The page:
Montpellier, being a big city, has a number of theatres of all types – a modern opera house, a grand 19th century theatre building and several smaller theatres. ¬†There’s always something going on! ¬†The programme can be found here.

November is the time when people in this area start to buy fresh foie gras and other bits of duck and goose, to prepare a stock of goodies to last them the winter!

Coursan and Limoux have their Foires au Gras –¬†literally translated as ‘Fat Fairs’ but they are really foie gras markets – on November 18 (Coursan) and 24 (Limoux), 2018.

The truffle markets start this year on December 15 with a market in Moussoulens.  The last truffle market of the season will be on March 10, 2019 in Cabrespine Рyou can find dates and the programme here.

In preparation for Christmas (think shopping!!), eleven wineries in the Saint-Chinian area have a day of tastings and visits on December 8, 2018 – the programme can be found via this link.

Next, we have Christmas markets!  They are becoming ever more popular in the area Рhere is a small selection for you:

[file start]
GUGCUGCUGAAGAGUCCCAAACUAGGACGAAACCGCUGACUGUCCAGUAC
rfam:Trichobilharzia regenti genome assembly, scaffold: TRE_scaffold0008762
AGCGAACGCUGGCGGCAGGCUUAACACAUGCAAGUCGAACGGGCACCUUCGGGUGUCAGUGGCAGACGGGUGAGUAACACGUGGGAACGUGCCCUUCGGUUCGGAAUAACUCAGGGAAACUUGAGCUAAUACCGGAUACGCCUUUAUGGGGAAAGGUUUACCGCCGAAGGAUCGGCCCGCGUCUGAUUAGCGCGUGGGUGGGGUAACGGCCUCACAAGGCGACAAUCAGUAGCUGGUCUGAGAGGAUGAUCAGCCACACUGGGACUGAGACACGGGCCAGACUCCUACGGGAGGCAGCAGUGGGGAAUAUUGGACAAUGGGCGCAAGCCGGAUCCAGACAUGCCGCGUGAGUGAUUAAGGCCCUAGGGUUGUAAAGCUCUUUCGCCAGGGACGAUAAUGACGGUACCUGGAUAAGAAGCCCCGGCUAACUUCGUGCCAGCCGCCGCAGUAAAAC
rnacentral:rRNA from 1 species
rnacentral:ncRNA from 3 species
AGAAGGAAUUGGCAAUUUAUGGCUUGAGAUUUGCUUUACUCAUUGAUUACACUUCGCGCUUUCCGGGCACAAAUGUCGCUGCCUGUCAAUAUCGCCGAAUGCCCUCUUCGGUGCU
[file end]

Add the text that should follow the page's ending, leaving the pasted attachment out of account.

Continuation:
November 24 and 25, 2018 Р(Christmas) Cracker Fair at the Abbaye de Valmagne

December 2, 2018 – Christmas market in Saint-Chinian, Salle de l’Abbatiale

December 9, 2018 – Christmas market in Capestang, Salle Nelson Mandela

In the bigger towns, the Christmas markets are on for most of December:

Les Hivernales Christmas market in Montpellier is open from November 29 to December 27, 2018.

Carcassonne’s¬†Magie de Noel opens on December 6, 2018 and closes on January 6, 2019.

So far, most of this post has been about food and other shopping opportunities.  Here now are a few more opportunities for entertainment:

On December 12, 2018 the Salle de l’Abbatiale in Saint-Chinian hosts a concert with the¬†La Cantarela choir from Beziers, Ulrike van Cotthem (soprano), Sebastien Mazoyer (bandoneon) and Conrad Wilkinson (piano). ¬†There’ll be music by Debussy, Faure, Schumann and Strauss, and the Misatango by Martin Palmeri. ¬†This should be a very good concert – don’t miss it!

The Christmas concert in Narbonne takes place on December 15 in the cathedral, with the Narbonne Symphony Orchestra, the Via Lyrica choir and Daniele Scotte (soprano).  This should be another great concert.

And finally, If you are a fan of the circus tent, you’ll have to visit Toulouse between December 1, 2018 and January 6, 2019. ¬†The¬†Grande Cirque de Noel pitches its tents at the Cepiere racetrack in Toulouse. ¬†There will be acrobats, clowns, horses, daredevil stunts and more!!